Aphelandra Species, Zebra Plant

Aphelandra squarrosa

Family: Acanthaceae (ah-kanth-AY-see-ee) (Info)
Genus: Aphelandra (af-el-AN-druh) (Info)
Species: squarrosa (skwa-RO-suh) (Info)
Synonym:Aphelandra chrysops
Synonym:Aphelandra concinna
Synonym:Aphelandra leopoldii
Synonym:Aphelandra oostachya
Synonym:Aphelandra squarrosa var. lousiae



Tropicals and Tender Perennials

Water Requirements:

Average Water Needs; Water regularly; do not overwater

Sun Exposure:

Light Shade


Grown for foliage



Foliage Color:

Unknown - Tell us


4-6 ft. (1.2-1.8 m)


4-6 ft. (1.2-1.8 m)


USDA Zone 10a: to -1.1 C (30 F)

USDA Zone 10b: to 1.7 C (35 F)

USDA Zone 11: above 4.5 C (40 F)

Where to Grow:

Suitable for growing in containers


Parts of plant are poisonous if ingested

Handling plant may cause skin irritation or allergic reaction

Bloom Color:

Bright Yellow

Bloom Characteristics:

Unknown - Tell us

Bloom Size:


Bloom Time:

Mid Summer

Other details:

Unknown - Tell us

Soil pH requirements:

5.1 to 5.5 (strongly acidic)

5.6 to 6.0 (acidic)

6.1 to 6.5 (mildly acidic)

Patent Information:


Propagation Methods:

From herbaceous stem cuttings

By budding

Seed Collecting:

N/A: plant does not set seed, flowers are sterile, or plants will not come true from seed


This plant is said to grow outdoors in the following regions:

Centre, Alabama

Gaylesville, Alabama

Elk Grove, California

Hayward, California

Merced, California

Oak View, California

San Diego, California

Denver, Colorado

Altamonte Springs, Florida

Bartow, Florida

Big Pine Key, Florida

Hollywood, Florida

Jacksonville, Florida(2 reports)

Largo, Florida

Miami, Florida

Port Charlotte, Florida

Rockledge, Florida

Sarasota, Florida

Winter Garden, Florida

Winter Haven, Florida

Zolfo Springs, Florida

Davenport, Iowa

Gonzales, Louisiana

Shreveport, Louisiana

Grants Pass, Oregon

Chambersburg, Pennsylvania

, Queensland(2 reports)

Austin, Texas

Plano, Texas

Portland, Texas

San Antonio, Texas

Stafford, Texas

Provo, Utah

Cabin Creek, West Virginia

show all

Gardeners' Notes:


On Oct 19, 2012, BayAreaTropics from Hayward, CA wrote:

These used to be very common..now,not so common. These work great as porch plants in the SanFran bay area. This is a highland tropics plant so our cool summers suit it just fine. A little succulent so go easy on the peaty potting soils or over watering...they like morning sun,warm shade,and no wind. Not a fast grower. I haven't tried them in ground yet..just so nice looking you want them on the porch!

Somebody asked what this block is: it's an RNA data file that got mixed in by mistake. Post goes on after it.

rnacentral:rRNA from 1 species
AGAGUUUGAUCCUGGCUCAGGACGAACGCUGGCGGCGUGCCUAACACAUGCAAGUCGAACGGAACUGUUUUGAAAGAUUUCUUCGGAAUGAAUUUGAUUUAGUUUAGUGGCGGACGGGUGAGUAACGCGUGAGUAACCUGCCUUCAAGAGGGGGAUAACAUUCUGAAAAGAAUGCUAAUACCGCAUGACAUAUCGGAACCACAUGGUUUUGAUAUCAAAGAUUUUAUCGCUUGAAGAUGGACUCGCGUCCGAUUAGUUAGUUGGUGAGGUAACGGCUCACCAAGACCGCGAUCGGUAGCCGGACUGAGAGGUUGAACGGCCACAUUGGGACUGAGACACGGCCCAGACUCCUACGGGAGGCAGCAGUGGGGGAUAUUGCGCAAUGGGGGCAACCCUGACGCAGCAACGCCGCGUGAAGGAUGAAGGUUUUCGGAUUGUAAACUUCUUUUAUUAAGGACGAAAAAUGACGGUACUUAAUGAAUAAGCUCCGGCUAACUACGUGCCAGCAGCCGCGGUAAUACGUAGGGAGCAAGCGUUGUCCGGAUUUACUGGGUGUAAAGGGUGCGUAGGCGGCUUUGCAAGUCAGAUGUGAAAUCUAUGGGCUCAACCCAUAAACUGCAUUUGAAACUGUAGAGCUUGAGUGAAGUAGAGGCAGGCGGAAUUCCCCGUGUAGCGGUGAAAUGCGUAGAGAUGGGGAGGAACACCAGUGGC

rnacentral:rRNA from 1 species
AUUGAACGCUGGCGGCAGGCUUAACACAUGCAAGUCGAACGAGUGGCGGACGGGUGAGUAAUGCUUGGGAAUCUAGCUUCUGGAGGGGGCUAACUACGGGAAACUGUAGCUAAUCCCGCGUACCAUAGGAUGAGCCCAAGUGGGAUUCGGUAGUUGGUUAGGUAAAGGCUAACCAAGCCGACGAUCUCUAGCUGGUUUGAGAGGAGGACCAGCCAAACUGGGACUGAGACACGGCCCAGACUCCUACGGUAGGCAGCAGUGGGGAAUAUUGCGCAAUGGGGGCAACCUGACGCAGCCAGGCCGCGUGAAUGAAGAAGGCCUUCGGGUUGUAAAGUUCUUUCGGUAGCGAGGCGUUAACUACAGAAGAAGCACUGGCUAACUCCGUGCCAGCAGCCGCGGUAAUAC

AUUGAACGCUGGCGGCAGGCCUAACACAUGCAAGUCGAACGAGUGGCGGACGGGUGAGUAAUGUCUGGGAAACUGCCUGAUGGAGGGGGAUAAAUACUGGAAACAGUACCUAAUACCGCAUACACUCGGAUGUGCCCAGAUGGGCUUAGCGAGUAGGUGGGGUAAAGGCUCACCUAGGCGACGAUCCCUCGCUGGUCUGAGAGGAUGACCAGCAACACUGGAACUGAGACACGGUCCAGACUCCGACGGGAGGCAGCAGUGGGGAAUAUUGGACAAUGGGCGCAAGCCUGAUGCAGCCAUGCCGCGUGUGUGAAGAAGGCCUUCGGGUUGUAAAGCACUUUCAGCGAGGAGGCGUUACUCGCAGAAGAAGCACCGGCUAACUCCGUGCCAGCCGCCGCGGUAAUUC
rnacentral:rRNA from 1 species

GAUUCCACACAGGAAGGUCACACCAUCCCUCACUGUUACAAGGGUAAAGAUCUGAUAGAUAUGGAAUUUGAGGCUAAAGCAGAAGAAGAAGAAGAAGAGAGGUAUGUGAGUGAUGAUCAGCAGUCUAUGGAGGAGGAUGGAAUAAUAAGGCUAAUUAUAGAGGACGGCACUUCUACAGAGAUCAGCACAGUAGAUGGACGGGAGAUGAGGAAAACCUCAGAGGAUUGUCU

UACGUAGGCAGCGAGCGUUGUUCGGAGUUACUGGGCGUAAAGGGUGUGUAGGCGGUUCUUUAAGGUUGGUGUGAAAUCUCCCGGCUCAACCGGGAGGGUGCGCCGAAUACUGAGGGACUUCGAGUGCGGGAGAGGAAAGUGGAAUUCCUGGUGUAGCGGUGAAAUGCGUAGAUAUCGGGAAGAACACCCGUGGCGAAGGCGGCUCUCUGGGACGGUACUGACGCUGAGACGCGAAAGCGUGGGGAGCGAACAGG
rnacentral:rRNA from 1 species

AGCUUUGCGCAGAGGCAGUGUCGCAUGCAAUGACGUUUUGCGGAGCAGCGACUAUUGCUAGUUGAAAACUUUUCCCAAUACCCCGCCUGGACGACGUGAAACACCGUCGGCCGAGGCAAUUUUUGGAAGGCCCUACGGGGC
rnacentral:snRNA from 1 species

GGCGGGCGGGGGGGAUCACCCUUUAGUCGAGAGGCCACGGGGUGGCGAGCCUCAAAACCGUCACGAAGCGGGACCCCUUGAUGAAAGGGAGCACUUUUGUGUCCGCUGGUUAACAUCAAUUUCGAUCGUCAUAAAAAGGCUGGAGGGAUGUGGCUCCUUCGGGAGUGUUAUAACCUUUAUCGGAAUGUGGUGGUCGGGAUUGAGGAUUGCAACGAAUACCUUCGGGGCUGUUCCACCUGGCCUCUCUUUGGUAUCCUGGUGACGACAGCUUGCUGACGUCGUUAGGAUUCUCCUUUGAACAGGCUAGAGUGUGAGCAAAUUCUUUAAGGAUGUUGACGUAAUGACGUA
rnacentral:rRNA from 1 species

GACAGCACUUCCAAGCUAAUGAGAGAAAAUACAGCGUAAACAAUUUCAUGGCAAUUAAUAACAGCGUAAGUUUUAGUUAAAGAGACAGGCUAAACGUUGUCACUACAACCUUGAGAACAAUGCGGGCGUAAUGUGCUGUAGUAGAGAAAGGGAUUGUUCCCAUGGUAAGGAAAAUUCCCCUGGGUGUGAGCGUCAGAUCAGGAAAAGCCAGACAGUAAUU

2018: They seem to not be long lived. Mine after a total of five years just died. Declined for no reason. I've talked to others..they same the same thing. So,enjoy them for 3 or 4 years,then take cuttings!
2021: One I started with in 2018? Grew well and I planted in ground in 2020. So far..it's fine. Needs consistent watering and dappled sun is best,more than that will cause the... read more


On Apr 9, 2012, awwwjustme from Shively, KY wrote:

I just got this plant today, I love the leaf color and then on the way home I notice a yellow flower blooming....so wish me luck on growing it...


On Apr 17, 2011, Shaunapie from Chambersburg, PA wrote:

I found this plant while browsing a clearance rack at lowes for 1$ I thought what the heck and brought it home to my college dorm knowing absolutly noting about it. Despite other peoples comments about this plant being picky I haven't had any problems I water it every other day and it has been growing great for me! The only leaf it ever lost with me was one I pulled off because it was so damaged.


On Aug 20, 2010, southernwv from Cabin Creek, WV wrote:

I have this plant, and as a couple people have said, they seem to die almost as quickly as you get it in the house. These plants can't dry out, not once, but they can't stay wet either. They are very picky, but once you get it right, you'll be amazed how they grow. Mine get a little morning sun, but is in medium shade the rest of the day. After buying 6 plants I finally got one to live. They need bright light, warmth, and need to stay moist (not wet) on another note, a bright window seems to work, flourescent lights don't do anything to keep it alive. I have a greenhouse so mine get a lot of light in the winter months, and temps are kept right at 60F.


On Dec 22, 2009, lyn_s from Brooklyn, NY wrote:

I was given a zebra plant as a gift a little over a year ago. At the time it was about 6-8 inches tall. I live in Brooklyn, NYC--hardly a very tropical climate. The plant has lived on a (south) windowsill for most of that time. It gets watered once a week. It flowered twice between November and June.

The plant summered in my (north) garden. We had a very rainy summer and it grew to nearly two feet high and the stem has become quite woody. I brought it back into the house in October and it's just flowered again--a large (nearly three inches) yellow flower that is now starting to wilt. I would like advice on how to care for it going forward. I'd prefer not to have it grow much more--I don't really want a "zebra tree."


On Jan 13, 2009, wormfood from Lecanto, FL (Zone 9a) wrote:

Mine died, As did the other 5 I bought. I took the last remaining piece of stem that was rotting and stuck it in my worm bin in August. It's now January and 3 leaves tall. I don't touch it at all. It's protected in a shade house at minimum 43*

Planted this piece next to the drip hose around the end of Feb. It's doing beautifully. I'm not doing anything to it for fear of killing it.


On Nov 16, 2008, Jaxgirl from Jacksonville, FL (Zone 9a) wrote: